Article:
Coastal defence and fortification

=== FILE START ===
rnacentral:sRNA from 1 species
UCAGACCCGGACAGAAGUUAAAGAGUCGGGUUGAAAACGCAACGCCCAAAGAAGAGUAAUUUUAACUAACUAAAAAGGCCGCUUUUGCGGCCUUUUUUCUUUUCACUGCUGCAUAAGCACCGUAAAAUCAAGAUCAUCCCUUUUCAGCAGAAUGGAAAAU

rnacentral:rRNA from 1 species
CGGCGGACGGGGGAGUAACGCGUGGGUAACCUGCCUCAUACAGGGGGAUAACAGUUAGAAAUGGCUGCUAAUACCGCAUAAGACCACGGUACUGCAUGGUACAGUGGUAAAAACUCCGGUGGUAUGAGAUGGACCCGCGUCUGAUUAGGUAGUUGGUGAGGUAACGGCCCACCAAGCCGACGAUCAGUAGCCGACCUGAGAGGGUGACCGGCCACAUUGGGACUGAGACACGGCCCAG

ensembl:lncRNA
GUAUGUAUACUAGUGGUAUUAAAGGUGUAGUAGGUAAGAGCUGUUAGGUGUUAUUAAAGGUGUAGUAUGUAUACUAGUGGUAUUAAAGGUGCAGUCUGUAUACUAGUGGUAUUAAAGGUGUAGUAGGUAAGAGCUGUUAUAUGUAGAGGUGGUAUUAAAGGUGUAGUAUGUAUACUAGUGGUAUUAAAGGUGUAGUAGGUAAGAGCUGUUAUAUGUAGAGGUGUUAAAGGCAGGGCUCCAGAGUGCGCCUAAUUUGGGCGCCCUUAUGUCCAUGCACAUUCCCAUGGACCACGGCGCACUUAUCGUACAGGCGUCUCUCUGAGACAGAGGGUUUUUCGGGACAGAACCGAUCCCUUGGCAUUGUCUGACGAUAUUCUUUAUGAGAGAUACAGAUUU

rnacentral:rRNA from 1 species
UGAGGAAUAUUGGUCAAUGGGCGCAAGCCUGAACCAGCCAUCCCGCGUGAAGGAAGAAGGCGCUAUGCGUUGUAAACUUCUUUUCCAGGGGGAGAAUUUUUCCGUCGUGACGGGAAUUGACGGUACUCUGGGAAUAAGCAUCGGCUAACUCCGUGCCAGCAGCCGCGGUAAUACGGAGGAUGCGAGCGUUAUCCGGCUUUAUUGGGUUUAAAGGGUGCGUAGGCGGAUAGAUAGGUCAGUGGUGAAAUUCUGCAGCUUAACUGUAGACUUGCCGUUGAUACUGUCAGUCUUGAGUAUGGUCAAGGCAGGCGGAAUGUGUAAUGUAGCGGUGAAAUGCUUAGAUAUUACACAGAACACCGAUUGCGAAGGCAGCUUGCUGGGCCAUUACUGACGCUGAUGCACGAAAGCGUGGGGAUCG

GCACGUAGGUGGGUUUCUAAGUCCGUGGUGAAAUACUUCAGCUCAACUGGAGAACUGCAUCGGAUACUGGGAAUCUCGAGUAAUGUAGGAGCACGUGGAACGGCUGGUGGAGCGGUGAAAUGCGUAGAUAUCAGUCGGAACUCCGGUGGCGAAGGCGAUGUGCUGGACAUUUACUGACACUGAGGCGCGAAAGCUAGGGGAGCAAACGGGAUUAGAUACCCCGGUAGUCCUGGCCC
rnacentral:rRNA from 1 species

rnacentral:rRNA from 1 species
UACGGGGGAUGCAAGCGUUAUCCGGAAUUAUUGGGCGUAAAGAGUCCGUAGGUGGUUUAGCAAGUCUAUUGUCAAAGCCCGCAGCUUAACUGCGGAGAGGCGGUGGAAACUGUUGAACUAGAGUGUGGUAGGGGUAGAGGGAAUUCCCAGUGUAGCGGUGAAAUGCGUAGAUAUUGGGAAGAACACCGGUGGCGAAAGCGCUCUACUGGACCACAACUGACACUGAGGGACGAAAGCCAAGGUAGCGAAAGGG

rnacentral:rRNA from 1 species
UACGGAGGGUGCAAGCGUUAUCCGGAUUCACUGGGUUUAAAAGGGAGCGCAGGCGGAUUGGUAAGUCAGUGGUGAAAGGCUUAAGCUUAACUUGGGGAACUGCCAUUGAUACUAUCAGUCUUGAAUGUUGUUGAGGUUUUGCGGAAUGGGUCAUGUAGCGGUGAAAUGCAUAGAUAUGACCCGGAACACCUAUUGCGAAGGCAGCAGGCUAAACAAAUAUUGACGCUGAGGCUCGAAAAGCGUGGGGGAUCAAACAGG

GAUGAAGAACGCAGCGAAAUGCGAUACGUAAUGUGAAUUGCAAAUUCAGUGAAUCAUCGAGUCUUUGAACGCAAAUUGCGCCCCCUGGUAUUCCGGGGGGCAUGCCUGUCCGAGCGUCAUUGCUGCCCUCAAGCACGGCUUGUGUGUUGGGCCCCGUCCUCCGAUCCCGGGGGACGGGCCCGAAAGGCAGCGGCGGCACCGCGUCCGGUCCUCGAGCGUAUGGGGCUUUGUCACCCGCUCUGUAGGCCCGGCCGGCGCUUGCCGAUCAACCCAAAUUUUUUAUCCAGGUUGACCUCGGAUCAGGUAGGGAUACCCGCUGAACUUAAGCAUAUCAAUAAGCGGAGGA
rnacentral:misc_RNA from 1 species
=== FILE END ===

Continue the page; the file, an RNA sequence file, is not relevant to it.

Coastal defence (or defense) and coastal fortification are measures taken to provide protection against military attack at or near a coastline (or other shoreline), for example, fortifications and coastal artillery. Because an invading enemy normally requires a port or harbour to sustain operations, such defences are usually concentrated around such facilities, or places where such facilities could be constructed. Coastal artillery fortifications generally followed the development of land fortifications, usually incorporating land defences; sometimes separate land defence forts were built to protect coastal forts. Through the middle 19th century, coastal forts could be bastion forts, star forts, polygonal forts, or sea forts, the first three types often with detached gun batteries called "water batteries". Coastal defence weapons throughout history were heavy naval guns or weapons based on them, often supplemented by lighter weapons. In the late 19th century separate batteries of coastal artillery replaced forts in some countries; in some areas these became widely separated geographically through the mid-20th century as weapon ranges increased. The amount of landward defence provided began to vary by country from the late 19th century; by 1900 new US forts almost totally neglected these defences. Booms were also usually part of a protected harbor's defences. In the middle 19th century underwater minefields and later controlled mines were often used, or stored in peacetime to be available in wartime. With the rise of the submarine threat at the beginning of the 20th century, anti-submarine nets were used extensively, usually added to boom defences, with major warships often being equipped with them (to allow rapid deployment once the ship was anchored or moored) through early World War I. In World War I railway artillery emerged and soon became part of coastal artillery in some countries; with railway artillery in coast defence some type of revolving mount had to be provided to allow tracking of fast-moving targets.